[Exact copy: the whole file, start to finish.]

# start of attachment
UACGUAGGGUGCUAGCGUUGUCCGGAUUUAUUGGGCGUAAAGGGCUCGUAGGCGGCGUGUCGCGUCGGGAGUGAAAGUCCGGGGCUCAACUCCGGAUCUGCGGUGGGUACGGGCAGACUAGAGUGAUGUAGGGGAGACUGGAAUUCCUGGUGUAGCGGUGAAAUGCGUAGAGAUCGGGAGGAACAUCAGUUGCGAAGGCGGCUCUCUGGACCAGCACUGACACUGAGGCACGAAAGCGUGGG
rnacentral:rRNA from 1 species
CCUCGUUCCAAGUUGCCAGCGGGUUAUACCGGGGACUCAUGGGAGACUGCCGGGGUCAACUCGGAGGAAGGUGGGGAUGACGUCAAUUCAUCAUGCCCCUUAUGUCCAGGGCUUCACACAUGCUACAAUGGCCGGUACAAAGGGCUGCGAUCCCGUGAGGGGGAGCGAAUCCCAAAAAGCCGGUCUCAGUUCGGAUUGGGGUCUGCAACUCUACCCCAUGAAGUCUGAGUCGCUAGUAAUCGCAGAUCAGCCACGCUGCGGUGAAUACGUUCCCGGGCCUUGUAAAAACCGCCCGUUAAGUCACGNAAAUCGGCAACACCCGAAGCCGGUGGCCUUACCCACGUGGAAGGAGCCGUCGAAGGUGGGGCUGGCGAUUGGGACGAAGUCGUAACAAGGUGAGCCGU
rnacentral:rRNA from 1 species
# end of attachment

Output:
UACGUAGGGUGCUAGCGUUGUCCGGAUUUAUUGGGCGUAAAGGGCUCGUAGGCGGCGUGUCGCGUCGGGAGUGAAAGUCCGGGGCUCAACUCCGGAUCUGCGGUGGGUACGGGCAGACUAGAGUGAUGUAGGGGAGACUGGAAUUCCUGGUGUAGCGGUGAAAUGCGUAGAGAUCGGGAGGAACAUCAGUUGCGAAGGCGGCUCUCUGGACCAGCACUGACACUGAGGCACGAAAGCGUGGG
rnacentral:rRNA from 1 species
CCUCGUUCCAAGUUGCCAGCGGGUUAUACCGGGGACUCAUGGGAGACUGCCGGGGUCAACUCGGAGGAAGGUGGGGAUGACGUCAAUUCAUCAUGCCCCUUAUGUCCAGGGCUUCACACAUGCUACAAUGGCCGGUACAAAGGGCUGCGAUCCCGUGAGGGGGAGCGAAUCCCAAAAAGCCGGUCUCAGUUCGGAUUGGGGUCUGCAACUCUACCCCAUGAAGUCUGAGUCGCUAGUAAUCGCAGAUCAGCCACGCUGCGGUGAAUACGUUCCCGGGCCUUGUAAAAACCGCCCGUUAAGUCACGNAAAUCGGCAACACCCGAAGCCGGUGGCCUUACCCACGUGGAAGGAGCCGUCGAAGGUGGGGCUGGCGAUUGGGACGAAGUCGUAACAAGGUGAGCCGU
rnacentral:rRNA from 1 species